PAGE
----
Facebook doesn’t listen to customers

Is it best to ignore your customers?

Innovation thought leaders such as von Hippel, Utterback and then Christensen, have written about the risks of listening to customers when trying to innovate. A fellow blogger defended Facebook’s policy to ignore users by pointing out that if Porsche paid attention to its customer surveys they would build a Volvo:

http://scobleizer.com/2009/03/21/why-facebook-has-never-listened-and-why-it-definitely-wont-start-now/

Of course Utterback, von Hippel, Christensen, and probably Facebook are not saying to ignore customer needs — their point is that customers have trouble expressing their deepest needs and understanding that there might be solutions to their most important problems. Academics refer to latent needs and contextual or sticky information to label this problem.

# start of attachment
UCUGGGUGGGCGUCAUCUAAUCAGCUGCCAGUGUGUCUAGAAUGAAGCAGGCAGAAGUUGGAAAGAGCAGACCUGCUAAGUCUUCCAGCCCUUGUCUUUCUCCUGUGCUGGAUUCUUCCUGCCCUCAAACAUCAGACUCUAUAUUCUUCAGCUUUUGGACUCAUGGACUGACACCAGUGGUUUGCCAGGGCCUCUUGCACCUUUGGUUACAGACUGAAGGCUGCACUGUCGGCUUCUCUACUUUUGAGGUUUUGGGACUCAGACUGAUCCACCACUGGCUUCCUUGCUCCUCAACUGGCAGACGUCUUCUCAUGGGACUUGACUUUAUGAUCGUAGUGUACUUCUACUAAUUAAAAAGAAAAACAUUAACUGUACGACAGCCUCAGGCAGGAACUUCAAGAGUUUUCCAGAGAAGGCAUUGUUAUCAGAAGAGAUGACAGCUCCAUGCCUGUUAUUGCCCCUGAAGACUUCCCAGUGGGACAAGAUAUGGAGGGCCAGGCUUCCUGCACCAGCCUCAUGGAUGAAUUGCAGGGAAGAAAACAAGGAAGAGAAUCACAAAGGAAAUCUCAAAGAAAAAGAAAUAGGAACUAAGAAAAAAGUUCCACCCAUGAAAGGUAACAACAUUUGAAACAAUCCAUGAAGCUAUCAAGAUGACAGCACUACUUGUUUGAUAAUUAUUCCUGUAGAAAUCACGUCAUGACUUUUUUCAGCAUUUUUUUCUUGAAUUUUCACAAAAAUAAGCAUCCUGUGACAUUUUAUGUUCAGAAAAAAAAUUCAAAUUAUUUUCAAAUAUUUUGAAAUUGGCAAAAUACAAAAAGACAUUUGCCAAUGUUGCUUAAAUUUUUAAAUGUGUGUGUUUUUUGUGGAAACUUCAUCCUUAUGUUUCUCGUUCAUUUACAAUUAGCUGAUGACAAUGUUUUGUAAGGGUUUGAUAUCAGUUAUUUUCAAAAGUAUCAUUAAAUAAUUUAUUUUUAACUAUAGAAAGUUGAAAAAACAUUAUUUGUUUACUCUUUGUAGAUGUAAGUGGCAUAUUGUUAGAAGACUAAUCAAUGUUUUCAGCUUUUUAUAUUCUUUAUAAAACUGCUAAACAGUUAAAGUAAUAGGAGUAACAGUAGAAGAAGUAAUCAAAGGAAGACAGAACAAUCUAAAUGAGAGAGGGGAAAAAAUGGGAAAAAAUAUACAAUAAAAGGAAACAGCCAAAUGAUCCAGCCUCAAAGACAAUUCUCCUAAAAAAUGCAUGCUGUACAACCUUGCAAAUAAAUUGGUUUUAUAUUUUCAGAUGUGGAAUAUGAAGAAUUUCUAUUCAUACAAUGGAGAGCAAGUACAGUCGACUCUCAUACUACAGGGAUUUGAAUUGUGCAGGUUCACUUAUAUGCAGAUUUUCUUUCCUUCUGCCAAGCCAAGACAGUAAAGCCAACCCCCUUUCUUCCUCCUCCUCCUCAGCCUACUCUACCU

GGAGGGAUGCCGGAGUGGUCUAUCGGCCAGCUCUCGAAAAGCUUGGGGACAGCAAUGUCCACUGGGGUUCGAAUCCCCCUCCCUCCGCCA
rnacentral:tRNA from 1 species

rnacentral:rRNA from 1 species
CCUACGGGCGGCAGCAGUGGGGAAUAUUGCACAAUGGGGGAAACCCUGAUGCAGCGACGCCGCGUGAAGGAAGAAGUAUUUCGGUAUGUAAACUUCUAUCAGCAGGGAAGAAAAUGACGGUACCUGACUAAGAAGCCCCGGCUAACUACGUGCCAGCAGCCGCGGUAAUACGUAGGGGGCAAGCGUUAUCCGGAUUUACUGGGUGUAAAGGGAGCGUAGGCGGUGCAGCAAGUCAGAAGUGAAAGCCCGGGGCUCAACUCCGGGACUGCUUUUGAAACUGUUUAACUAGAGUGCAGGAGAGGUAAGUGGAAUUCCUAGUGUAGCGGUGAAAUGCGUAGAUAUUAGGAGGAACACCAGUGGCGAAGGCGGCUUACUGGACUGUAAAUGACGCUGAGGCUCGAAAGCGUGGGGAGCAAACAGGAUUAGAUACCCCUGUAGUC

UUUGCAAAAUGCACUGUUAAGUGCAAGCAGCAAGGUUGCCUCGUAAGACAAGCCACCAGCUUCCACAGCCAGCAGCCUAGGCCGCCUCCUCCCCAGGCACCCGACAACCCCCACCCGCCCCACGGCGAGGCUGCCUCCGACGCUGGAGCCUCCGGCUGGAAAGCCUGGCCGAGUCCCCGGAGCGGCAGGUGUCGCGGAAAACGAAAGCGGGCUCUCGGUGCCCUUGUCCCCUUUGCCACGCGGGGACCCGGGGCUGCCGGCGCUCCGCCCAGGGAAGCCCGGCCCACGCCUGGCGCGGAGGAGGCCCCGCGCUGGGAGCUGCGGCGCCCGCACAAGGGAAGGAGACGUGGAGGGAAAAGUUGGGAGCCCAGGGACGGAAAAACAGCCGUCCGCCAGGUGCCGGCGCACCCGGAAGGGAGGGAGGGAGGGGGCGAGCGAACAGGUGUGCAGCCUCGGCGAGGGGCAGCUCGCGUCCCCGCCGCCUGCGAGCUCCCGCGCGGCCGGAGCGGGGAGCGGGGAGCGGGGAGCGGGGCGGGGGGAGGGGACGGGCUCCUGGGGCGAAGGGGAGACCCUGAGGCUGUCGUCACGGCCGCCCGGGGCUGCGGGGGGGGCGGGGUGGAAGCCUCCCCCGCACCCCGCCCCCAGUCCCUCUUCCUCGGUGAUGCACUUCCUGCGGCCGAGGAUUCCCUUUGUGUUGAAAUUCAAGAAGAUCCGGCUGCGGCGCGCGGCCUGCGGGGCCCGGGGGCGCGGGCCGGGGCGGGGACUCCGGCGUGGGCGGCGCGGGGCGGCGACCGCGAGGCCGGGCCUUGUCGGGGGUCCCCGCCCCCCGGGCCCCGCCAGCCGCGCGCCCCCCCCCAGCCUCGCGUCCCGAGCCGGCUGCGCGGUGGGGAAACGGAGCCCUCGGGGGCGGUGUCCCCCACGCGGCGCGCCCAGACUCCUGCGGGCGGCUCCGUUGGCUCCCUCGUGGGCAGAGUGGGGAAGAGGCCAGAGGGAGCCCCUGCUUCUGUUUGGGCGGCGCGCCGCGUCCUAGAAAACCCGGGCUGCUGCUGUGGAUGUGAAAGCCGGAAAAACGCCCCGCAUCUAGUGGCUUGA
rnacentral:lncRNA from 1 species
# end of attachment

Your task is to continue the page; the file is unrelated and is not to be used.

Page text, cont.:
The solution is to not to ignore customers but to try to get to these latent needs. This may mean putting less weight on surveys and hiring anthropologists to do ethnography instead of hosting another focus group. Think voice of the customer, site visits, lead users, experimenting, rapid prototyping, probe and learn, and open source.

 

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